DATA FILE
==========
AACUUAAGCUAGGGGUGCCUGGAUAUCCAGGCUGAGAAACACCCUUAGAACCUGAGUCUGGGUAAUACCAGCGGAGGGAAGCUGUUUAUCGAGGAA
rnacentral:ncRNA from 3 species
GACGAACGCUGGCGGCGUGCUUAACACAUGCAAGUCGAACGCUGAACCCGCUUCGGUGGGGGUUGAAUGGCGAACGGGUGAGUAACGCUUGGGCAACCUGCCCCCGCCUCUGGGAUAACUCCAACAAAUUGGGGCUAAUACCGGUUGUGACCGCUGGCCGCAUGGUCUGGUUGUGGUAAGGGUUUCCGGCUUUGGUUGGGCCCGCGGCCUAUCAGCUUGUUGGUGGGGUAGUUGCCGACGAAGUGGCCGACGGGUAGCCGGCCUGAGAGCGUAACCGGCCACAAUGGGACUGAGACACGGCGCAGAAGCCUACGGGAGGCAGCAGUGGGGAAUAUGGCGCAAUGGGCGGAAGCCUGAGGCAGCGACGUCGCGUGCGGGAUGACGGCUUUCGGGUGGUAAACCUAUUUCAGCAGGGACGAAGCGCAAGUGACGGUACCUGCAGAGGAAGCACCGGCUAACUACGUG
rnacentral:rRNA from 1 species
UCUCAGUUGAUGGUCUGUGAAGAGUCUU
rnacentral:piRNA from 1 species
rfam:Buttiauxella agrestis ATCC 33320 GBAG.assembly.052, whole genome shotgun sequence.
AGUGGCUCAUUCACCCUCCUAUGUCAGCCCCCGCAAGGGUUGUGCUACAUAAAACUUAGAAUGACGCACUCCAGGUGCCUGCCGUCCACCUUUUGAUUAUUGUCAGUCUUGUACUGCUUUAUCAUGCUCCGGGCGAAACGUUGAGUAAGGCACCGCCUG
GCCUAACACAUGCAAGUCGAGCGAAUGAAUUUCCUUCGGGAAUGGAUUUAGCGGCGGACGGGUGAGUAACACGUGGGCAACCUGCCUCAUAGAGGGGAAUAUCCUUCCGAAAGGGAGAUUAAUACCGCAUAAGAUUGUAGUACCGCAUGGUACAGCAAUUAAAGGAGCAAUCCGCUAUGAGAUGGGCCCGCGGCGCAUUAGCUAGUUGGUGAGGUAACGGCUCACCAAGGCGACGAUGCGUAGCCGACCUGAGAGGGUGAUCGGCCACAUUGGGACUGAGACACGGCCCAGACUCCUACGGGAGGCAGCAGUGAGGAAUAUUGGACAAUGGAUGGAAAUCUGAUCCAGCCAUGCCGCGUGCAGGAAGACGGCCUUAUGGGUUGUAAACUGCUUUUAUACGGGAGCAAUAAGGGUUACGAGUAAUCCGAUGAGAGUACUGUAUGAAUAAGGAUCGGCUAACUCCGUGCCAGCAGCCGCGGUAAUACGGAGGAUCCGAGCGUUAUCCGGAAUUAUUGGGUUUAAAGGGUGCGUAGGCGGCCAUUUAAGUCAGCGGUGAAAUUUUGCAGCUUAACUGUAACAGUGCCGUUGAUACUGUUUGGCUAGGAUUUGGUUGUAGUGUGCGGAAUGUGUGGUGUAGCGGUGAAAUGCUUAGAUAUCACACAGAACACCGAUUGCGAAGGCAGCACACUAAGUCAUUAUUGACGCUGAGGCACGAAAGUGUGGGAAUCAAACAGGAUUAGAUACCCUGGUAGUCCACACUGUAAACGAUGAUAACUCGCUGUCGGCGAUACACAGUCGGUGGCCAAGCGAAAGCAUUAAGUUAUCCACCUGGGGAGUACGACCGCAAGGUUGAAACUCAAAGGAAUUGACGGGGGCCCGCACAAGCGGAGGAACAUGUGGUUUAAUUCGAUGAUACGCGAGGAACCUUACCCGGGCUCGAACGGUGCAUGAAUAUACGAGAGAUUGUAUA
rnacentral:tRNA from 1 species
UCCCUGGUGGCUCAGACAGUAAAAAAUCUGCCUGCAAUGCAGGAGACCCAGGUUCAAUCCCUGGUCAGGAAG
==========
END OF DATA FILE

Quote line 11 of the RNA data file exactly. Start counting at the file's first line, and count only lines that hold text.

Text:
UCCCUGGUGGCUCAGACAGUAAAAAAUCUGCCUGCAAUGCAGGAGACCCAGGUUCAAUCCCUGGUCAGGAAG